AMI: Product transfers will pose the greatest threat to brokers

Michael Lloyd

December 9, 2019

Product transfers will pose a bigger risk to broker revenue than a decline in remortgages, the Association of Mortgage Intermediaries (AMI) has claimed in its Quarterly Economic Bulletin.

AMI forecasts that gross lending in the residential purchase and remortgage markets will be steady, at £270bn in 2019 and product transfers looks set to be more than £160bn this year.

AMI has predicted that gross lending on residential purchases and remortgages in 2020 will be £250bn whilst product transfers will see a big uptick, to £180bn.

The report read: “This will drive a potential reduction in proc fee income for intermediaries based on basic assumptions.

“In reality, the percentage of product transfers that remain advised is likely to be much lower in 2020 than this year, as lenders pour investment into developing direct remortgage platforms online that encourage borrowers down an execution-only product transfer route.

“The challenge for brokers in 2020 will be how they take a greater share of the product transfer market.

“Even if they succeed, revenue will be reduced significantly, which should be a catalyst for intermediary firms to consider integrations with lenders directly to facilitate product transfer business and a further push to raise protection sales penetration.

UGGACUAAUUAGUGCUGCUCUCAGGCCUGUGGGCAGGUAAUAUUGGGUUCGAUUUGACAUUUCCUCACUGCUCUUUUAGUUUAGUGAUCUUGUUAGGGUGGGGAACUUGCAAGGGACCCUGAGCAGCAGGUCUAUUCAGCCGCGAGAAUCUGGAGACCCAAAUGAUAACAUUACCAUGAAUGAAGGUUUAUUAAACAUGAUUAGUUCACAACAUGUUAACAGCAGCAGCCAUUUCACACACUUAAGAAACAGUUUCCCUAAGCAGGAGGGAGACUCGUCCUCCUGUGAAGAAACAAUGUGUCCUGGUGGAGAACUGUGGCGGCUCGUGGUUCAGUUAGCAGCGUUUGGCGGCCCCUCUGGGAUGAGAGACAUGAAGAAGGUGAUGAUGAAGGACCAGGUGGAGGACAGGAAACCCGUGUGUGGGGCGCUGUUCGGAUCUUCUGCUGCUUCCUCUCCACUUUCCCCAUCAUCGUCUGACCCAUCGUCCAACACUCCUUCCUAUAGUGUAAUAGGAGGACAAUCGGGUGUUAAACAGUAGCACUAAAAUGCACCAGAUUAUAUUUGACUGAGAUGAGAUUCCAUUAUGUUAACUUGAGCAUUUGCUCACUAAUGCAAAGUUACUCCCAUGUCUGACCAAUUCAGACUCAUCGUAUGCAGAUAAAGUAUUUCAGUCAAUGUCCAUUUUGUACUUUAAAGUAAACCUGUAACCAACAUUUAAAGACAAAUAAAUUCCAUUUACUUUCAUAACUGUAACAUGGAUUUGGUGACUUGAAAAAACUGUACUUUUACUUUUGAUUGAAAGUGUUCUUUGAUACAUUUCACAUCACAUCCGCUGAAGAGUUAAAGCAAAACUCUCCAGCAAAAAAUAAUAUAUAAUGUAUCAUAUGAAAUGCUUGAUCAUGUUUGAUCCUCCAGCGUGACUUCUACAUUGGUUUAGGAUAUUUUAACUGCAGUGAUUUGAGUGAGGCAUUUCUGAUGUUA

“We estimate that around 50% of fixed rates are now taken over five years. A much bigger risk to brokers’ volumes is product transfer business.”

The report found that the remortgage market remains resilient, even considering the shift towards favouring 5-year fixed rates and Help to Buy is likely to further support this market in 2020.

The AMI said that it now looks likely that the base rate will be cut in the next 12 months.

The trade body has welcomed the current government policy to extend permitted development rights saying it necessary for improving the supply of new residential units to the market.

It said where these homes are developed raises questions relating to resale and secondary market valuations that should be considered by both lender and borrower.

AMI believes that sourcing systems and new technology developed to use algorithms to recommend regulated products need to be reviewed to ensure the veracity of outputs.

AMI considers all system manufacturers should be able to demonstrate their approach to and results of their due diligence.

The report read: “Compliance functions within intermediaries will need to consider what they need to see to satisfy their requirements.

“Disclaimers and disclosure is not necessarily going to be a long-term substitute for system reviews.

“The regulator needs to be sure it does not overlook the potential for poor customer outcomes as more disruptors come to market using new technology which might not have been produced by firms fully cognisant of the complexities of the mortgage market and its products.

“This is particularly so because of the timing of passing interest, fees and other terms.

“This is not about stopping innovation, it’s about making sure it is done responsibly.”


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